The Blog

So This Is What Being a Baseball Fan Feels Like... Thanks, Washington Nationals

Never until this season have I actually followed a team as closely as I have this Nats team -- hanging on every win or loss, every injury, every lineup change, every single pitch. It's that feeling that is so unique.
This post was published on the now-closed HuffPost Contributor platform. Contributors control their own work and posted freely to our site. If you need to flag this entry as abusive, send us an email.

I checked the schedule the other day to see how my fall wedding travel plans would conflict with the Washington Nationals' potential playoff games. Let me say that again -- I am actually factoring in baseball into my plans for my own wedding. (My poor fiancée. She's already had to contend with the uncertainty of college football schedules.) That's what the Nationals' amazing start has done to me.

In case you missed it, over the weekend, the Washington Nationals went into Fenway and swept the Boston Red Sox. They now have the second-best record in Major League Baseball and they've done that with several key players spending weeks out with injuries. This Nationals team has a very good shot to be the first one to make the postseason and the World Series actually seems like a legitimate possibility.

The last time I felt any excitement for baseball was 27 years ago. When I was 10, the Kansas City Royals won the 1985 World Series and it was awesome. In the days when a players' Topps trading card was more authoritative than ESPN and before the days of steroids and Deadspin, baseball players still seemed like heroes. And that '85 Royals team had a lot of them.

Unfortunately, that was the last time the Royals were any good. For most of my life, Royals baseball has been no more a sport than bear-bating. Other than 2003, when the Royals finished four games above .500, the team hasn't had a winning season in 20 years. How is getting relentlessly beaten game-after-game, season-after-season, for two decades still sport?

So baseball became an experience, not a sport. You went to the baseball game, drank some beer, ate some peanuts, and just enjoyed the game as a diversion from the real world. That's how it was with Royals games post-1980s and how it's been since.

For three years, I went to Durham Bulls games every day and I still have fond memories, but those games didn't mean anything other than watching some up-and-coming talents separate themselves from minor lifers. I then moved to Colorado, where I went to Colorado Rockies games every day in the summer for four years. The Rockies were somewhat more competitive than the Royals but never really contended while I was there. But Coors Field (like Durham Bulls Stadium) is a great place to see a game, so I went game after game after game.

Meanwhile, I have always cheered for the St. Louis Cardinals because my father was from St. Louis and was a big fan. Every season, long after the Royals were irrelevant, I'd turn my attention to the Cardinals. My Sunday conversations with my father were a mix of Cardinals, Kansas City Chiefs and politics. After his untimely death a few years ago, the Cardinals began to mean something much different. I felt a deeper connection to the team, but I also didn't follow them as closely in part because I couldn't discuss the Cards with him anymore and in part because well, I couldn't discuss the Cards with him anymore.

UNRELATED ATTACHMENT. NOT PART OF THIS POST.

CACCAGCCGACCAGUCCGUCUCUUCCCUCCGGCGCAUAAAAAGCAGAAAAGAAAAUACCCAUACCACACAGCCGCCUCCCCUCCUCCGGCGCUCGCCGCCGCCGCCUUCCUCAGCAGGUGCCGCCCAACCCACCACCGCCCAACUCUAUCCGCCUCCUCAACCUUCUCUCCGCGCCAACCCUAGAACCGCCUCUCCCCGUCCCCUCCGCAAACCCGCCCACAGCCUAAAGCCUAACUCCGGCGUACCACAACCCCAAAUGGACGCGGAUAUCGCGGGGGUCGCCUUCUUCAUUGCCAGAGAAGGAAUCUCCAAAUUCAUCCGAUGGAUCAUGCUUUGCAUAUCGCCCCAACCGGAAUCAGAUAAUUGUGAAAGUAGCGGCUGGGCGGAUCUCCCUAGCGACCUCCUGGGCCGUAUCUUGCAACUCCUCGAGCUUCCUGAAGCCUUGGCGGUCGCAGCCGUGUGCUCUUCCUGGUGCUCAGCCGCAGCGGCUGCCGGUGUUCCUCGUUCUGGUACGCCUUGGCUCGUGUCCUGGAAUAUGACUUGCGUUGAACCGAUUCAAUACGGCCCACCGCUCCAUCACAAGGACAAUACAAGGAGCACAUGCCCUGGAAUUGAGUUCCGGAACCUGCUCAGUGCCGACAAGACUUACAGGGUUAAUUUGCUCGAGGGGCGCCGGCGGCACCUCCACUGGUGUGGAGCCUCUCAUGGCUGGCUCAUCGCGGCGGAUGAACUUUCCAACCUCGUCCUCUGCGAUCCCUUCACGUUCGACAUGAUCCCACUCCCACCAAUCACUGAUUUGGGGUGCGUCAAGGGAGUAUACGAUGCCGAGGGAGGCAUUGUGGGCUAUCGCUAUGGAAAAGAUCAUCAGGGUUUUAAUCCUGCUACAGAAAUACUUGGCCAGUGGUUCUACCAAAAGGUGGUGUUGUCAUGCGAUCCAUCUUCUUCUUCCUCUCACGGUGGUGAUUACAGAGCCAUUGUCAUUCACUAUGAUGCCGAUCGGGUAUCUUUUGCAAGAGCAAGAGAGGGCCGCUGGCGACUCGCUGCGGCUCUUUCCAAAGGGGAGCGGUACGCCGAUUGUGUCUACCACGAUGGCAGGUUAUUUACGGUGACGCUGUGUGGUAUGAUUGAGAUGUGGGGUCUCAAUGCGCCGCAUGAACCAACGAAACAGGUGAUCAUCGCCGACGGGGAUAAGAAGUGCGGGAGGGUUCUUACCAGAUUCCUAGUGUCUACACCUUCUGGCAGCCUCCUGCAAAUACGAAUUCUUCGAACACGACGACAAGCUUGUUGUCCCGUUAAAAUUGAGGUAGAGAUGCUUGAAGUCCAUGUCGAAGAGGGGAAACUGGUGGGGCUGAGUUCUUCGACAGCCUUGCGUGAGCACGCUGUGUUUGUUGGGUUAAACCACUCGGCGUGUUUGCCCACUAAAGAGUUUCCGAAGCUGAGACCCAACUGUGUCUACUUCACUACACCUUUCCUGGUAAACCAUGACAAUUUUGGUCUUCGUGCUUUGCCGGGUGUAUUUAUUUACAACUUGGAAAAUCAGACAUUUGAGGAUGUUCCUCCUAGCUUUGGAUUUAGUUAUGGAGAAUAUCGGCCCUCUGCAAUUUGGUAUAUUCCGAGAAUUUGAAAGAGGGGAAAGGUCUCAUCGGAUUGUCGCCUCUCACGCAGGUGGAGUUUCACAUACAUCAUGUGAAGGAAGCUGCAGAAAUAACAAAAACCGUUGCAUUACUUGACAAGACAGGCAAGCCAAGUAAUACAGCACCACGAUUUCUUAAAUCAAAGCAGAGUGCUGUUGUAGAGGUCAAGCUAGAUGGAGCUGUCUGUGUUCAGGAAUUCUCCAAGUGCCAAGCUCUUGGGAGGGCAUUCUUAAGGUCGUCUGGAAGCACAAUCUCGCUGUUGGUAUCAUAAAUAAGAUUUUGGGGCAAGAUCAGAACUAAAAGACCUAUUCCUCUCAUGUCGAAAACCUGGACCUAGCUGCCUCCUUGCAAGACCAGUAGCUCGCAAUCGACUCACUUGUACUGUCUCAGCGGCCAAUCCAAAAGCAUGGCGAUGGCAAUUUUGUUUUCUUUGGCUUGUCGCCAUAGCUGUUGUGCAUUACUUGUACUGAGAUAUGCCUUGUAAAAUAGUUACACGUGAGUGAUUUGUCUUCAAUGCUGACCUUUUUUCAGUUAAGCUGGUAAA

My emotional connection with the Cardinals became stronger when I met my bride-to-be, Carolyn, who grew up in St. Louis. But while she's a Cardinals fan, she's not a huge sports fan in general (though being engaged to a professional sports fan is having an effect) so we don't have regular conversations about them. Still, we both followed the Cardinals postseason last year closely and obviously, World Series Game 6 was the best baseball game I have ever watched. The Cardinals winning Game 7 meant a lot to us, to her family and to my family.

Since I moved to Washington five years ago, I've been going to as many Nationals games as I can. And for most of that time, there was little to cheer about. Third baseman Ryan Zimmerman was always a rock, but other than him, no one really stood out. In 2010, we got our first taste of what the future holds when pitching phenom Stephen Strasburg dazzled in his first start and several more after that. But then a serious shoulder injury took him out for all of last season. Still, I went to game after game after game because tickets were easy to come by and because nothing beats baseball in the summer.

Then came the 2012 Nats, full of "Natitude" and determined to Take Back the Park. Never until this season have I actually followed a team as closely as I have this Nats team -- hanging on every win or loss, every injury, every lineup change, every single pitch. It's that feeling that is so unique. The feeling that every game actually counts. What a fun feeling.

The Nationals have the most solid pitching crew in baseball and their bats are finally starting to heat up. And then there's the kid. Since he arrived, Bryce Harper has played with so much heart and fire, he's actually inspiring his older teammates and silencing his critics. And man, he's so fun to watch.

So in case it's not clear, I love this Washington Nationals team. LOVE, LOVE, LOVE them. Fortunately, my fiancée does, too, or at least she loves me enough to indulge me. At least until I skip out on any wedding duties to catch any October Nats games...

Before You Go

Popular in the Community